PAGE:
Stars and Stripes
Published: April 24, 2012
CAMP FOSTER, Okinawa — Tricare says plans to temporarily replace its troubled retiree health insurance system in the Philippines with an experimental closed network of providers will start early next year, months later than originally announced.
Cities with large populations of retirees such
The closed network – which had been scheduled to
go online this spring – is designed to put an end to years of fraud and
ballooning program costs. Tricare officials say it also should reduce health
insurance red tape for thousands of aging servicemembers
who have retired to the
The first phase of the network will cover
The agency had said the project would be up and
running this spring but did not elaborate on the apparent delay. Tricare plans
to continue the experiment until December 2015 when it will weigh the benefits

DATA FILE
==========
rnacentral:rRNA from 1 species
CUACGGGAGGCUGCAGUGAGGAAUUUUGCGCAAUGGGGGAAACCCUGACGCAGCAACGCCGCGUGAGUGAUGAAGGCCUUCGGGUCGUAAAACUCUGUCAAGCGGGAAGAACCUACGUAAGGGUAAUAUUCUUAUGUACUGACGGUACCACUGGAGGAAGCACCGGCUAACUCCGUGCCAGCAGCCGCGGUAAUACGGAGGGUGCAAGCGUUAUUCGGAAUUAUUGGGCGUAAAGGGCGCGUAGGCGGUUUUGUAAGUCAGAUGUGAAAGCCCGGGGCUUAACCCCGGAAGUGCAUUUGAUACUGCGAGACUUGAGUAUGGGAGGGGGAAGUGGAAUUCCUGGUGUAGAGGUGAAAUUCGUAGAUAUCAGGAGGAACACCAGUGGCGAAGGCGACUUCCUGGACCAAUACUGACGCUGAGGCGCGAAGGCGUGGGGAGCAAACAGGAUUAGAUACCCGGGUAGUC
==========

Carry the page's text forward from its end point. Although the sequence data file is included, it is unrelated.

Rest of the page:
of the changes and decide on the future of the
Tricare has said all retirees will be required to use the new network. Under the plan, participating health care providers will be required to file their insurance claims directly to the agency, meaning beneficiaries on fixed incomes no longer will have to pay for medical procedures up front and wait for reimbursement.
So far, no hospitals or doctors have agreed to participate.
“Recruitment is not yet under way” but the
agency has hired its existing
Last year, the Defense Department’s Inspector
General criticized the contractor for not properly certifying providers or
authenticating insurance claims as part of the existing Tricare system in the
Camacho said International SOS will compile a new list of providers for the experimental network as part of its overseas contract and that list will be posted on Tricare’s website two months before the project begins.
But some retirees worry the agency will be hard-pressed to find Philippine hospitals and doctors willing to take part.
Bob Lowe, a retiree and cancer patient who is
receiving treatment in
“All indications are the good docs and medical institutions will have nothing to do with this program and they have no need to make room in their waiting rooms that are already full of paying patients for Tricare patients that they may or may not get paid to treat,” Lowe wrote in an email.